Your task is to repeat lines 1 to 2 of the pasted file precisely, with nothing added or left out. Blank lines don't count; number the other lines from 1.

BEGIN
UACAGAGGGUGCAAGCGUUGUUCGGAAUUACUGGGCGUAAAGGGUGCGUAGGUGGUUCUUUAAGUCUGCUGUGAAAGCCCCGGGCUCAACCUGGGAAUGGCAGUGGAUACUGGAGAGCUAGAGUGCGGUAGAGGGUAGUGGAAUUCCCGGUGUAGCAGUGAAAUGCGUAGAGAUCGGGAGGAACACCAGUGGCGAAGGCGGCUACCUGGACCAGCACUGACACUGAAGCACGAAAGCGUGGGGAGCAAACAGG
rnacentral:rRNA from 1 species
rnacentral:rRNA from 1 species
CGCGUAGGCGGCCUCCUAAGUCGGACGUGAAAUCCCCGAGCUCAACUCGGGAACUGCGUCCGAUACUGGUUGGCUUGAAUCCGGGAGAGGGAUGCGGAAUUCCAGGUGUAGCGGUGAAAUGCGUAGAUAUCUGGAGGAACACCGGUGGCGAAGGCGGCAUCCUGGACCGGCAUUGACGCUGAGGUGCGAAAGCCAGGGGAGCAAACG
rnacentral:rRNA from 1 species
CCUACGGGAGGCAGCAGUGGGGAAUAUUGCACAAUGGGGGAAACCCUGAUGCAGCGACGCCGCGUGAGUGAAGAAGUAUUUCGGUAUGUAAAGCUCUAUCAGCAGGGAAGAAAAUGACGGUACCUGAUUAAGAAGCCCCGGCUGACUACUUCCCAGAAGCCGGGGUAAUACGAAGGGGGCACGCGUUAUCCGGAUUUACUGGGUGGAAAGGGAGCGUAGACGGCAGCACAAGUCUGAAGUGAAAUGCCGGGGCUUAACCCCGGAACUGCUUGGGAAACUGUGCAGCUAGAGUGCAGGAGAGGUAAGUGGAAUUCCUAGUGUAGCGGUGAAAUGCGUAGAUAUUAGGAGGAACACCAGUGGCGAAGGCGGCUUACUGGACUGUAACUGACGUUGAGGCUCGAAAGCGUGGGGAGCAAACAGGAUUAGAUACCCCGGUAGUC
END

UACAGAGGGUGCAAGCGUUGUUCGGAAUUACUGGGCGUAAAGGGUGCGUAGGUGGUUCUUUAAGUCUGCUGUGAAAGCCCCGGGCUCAACCUGGGAAUGGCAGUGGAUACUGGAGAGCUAGAGUGCGGUAGAGGGUAGUGGAAUUCCCGGUGUAGCAGUGAAAUGCGUAGAGAUCGGGAGGAACACCAGUGGCGAAGGCGGCUACCUGGACCAGCACUGACACUGAAGCACGAAAGCGUGGGGAGCAAACAGG
rnacentral:rRNA from 1 species